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These penguins take more than 10,000 naps per day

Natasha Kumar By Natasha Kumar Dec1,2023

These penguins do more 10,000 naps per day

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Close-up of the head of a Pygoscelis antarcticus.

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In humans, x27;dozing off unexpectedly for a few seconds is a sign of fatigue and can be dangerous in certain situations, for example while driving.

But chinstrap penguins take more than 10,000 micronaps of four seconds on average per day, according to a study published in the journal Science (New window) (in English). This allows them to accumulate more than 11 hours of daily sleep.

This species could have developed this trait because of the need to remain constantly vigilant, according to the authors of this work.

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Chinstrap penguins have an estimated population of nearly 8 million breeding pairs

According to them, this study shows that the benefits of sleep can be cumulative even if it is fragmented, contrary to belief until now. At least in some species.

Chinstrap penguins (Pygoscelis antarcticus) have an estimated population of nearly 8 million breeding pairs and live mainly on the Antarctic Peninsula and islands in the southern Atlantic Ocean.

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During the nesting period, penguins must watch over their eggs, in order to protect them, for example, from predatory birds, while their partner goes in search of food, sometimes for several days in a row. Males and females take turns making these journeys.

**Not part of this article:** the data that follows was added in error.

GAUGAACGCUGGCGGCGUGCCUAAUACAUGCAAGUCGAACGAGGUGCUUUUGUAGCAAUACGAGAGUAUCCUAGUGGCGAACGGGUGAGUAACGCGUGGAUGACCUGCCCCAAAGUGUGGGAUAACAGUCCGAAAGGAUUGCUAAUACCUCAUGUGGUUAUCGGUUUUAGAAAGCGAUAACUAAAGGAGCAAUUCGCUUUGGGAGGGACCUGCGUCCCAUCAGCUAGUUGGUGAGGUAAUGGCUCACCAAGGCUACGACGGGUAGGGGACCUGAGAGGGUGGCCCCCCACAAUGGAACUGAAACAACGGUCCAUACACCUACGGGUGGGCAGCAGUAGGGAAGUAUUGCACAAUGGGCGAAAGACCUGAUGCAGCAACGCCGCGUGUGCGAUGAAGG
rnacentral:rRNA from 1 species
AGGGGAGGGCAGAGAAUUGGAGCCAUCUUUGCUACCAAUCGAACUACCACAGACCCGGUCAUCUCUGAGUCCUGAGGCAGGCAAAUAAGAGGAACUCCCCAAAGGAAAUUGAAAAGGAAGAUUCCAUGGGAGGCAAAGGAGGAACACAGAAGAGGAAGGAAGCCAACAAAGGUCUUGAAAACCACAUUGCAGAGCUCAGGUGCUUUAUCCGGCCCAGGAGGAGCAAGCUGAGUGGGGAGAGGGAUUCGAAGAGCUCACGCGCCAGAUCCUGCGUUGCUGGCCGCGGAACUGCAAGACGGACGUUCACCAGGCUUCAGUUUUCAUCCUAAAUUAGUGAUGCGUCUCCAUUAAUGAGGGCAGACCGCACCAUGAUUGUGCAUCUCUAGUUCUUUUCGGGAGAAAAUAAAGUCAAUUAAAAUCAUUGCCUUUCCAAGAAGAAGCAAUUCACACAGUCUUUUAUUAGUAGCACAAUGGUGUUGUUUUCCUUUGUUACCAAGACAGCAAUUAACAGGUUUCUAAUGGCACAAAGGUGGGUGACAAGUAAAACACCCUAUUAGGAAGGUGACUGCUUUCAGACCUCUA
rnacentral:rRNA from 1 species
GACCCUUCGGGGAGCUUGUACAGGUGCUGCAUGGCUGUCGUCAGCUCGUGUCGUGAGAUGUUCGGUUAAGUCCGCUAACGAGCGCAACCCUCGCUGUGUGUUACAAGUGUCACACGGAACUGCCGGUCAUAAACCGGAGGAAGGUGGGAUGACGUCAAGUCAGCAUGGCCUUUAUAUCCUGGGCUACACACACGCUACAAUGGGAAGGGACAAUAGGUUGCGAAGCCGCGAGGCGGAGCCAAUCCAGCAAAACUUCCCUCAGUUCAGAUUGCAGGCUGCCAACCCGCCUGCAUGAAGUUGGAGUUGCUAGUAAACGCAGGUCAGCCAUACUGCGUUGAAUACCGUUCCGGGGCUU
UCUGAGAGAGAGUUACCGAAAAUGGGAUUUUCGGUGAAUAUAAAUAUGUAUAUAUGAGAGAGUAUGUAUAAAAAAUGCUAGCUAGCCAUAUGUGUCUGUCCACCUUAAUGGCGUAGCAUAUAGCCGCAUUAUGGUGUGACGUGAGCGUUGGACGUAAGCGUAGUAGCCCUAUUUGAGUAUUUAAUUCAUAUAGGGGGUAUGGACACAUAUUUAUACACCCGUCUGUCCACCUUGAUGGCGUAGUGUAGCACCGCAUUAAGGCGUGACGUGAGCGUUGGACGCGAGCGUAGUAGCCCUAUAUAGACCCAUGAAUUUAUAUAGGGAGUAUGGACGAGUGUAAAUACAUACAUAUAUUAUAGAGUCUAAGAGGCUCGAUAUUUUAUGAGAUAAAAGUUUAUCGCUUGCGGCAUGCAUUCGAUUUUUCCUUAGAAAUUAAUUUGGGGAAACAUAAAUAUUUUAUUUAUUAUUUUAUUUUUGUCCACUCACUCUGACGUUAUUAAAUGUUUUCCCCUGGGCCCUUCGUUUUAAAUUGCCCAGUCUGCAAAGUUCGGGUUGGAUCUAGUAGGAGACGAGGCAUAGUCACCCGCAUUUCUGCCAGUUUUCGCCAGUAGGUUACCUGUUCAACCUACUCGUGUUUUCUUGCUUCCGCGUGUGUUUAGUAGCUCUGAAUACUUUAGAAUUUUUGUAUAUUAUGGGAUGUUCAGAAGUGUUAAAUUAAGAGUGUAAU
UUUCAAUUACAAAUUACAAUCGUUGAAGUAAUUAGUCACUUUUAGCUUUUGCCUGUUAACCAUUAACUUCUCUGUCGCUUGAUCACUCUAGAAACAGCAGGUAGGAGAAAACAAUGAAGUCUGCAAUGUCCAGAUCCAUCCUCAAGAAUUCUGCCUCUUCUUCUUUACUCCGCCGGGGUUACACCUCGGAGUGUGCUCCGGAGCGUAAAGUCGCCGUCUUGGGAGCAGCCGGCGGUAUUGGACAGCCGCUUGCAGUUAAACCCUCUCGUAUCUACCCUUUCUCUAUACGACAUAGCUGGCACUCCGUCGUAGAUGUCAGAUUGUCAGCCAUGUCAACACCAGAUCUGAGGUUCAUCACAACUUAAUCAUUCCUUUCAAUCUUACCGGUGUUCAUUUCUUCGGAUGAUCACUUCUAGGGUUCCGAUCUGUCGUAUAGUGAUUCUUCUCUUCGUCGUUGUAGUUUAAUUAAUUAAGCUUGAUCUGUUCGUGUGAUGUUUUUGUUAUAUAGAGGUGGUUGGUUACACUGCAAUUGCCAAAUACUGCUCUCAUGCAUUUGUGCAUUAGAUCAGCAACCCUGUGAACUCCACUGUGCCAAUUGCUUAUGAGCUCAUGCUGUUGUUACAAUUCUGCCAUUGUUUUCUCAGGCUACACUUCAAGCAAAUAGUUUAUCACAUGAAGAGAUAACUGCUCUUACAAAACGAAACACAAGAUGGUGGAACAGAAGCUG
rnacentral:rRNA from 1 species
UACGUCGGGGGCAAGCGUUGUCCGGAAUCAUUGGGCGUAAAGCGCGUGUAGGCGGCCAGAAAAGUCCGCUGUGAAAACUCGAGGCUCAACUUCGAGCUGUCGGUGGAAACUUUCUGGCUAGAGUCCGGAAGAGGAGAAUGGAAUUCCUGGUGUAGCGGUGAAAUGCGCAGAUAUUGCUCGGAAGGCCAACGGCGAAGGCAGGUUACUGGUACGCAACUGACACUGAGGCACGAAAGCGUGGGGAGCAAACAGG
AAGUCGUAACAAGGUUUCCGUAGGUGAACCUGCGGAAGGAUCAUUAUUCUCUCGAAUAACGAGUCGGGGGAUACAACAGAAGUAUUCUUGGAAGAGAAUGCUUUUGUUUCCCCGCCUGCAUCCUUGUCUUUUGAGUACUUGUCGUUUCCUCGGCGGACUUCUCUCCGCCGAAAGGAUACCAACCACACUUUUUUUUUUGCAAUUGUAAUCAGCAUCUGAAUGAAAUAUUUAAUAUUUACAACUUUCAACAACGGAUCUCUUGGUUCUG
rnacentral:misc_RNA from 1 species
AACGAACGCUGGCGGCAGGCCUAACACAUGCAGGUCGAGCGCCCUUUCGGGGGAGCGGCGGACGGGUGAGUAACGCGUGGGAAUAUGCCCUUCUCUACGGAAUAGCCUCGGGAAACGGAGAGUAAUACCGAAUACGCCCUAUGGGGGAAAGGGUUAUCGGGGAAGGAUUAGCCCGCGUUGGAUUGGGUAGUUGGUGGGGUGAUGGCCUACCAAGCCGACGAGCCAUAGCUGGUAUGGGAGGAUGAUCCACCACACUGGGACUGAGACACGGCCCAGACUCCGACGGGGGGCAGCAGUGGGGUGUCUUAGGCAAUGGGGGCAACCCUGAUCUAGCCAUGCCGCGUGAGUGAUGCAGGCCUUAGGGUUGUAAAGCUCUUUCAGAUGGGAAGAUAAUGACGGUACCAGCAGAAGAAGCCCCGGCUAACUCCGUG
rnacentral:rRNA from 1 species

The team of researchers, led by Paul-Antoine Libourel from the Neuroscience Research Center from Lyon, implanted electrodes on 14 penguins from a colony on King George Island in December 2019.

They recorded electrical activity in their brains and neck muscles, and accelerometers and GPS were used to record their movements and locations. All combined with direct observations and video recordings.

Result: the penguins fell asleep standing up or when lying down to brood their eggs, lasting an average of 3.91 seconds, more than 10,000 times per day.

Those on the periphery of the group slept longer, probably due to the higher noise level and physical contact with other penguins in the center of the colony.

The researchers did not directly measure whether these micronaps actually allowed the penguins to rest, but since they were able to reproduce, they deduced that this was indeed the case.

In humans, on the other hand, excessively interrupted sleep, for example in the case of sleep apnea, has consequences on cognitive functions, and could even accelerate neurodegenerative diseases like Alzheimer's.

Thus, what is abnormal in humans could be perfectly normal in birds and more. ;other animals, at least under certain conditions, scientists wrote in a commentary also published in Science.

Natasha Kumar

By Natasha Kumar

Natasha Kumar has been a reporter on the news desk since 2018. Before that she wrote about young adolescence and family dynamics for Styles and was the legal affairs correspondent for the Metro desk. Before joining The Times Hub, Natasha Kumar worked as a staff writer at the Village Voice and a freelancer for Newsday, The Wall Street Journal, GQ and Mirabella. To get in touch, contact me through my 1-800-268-7116

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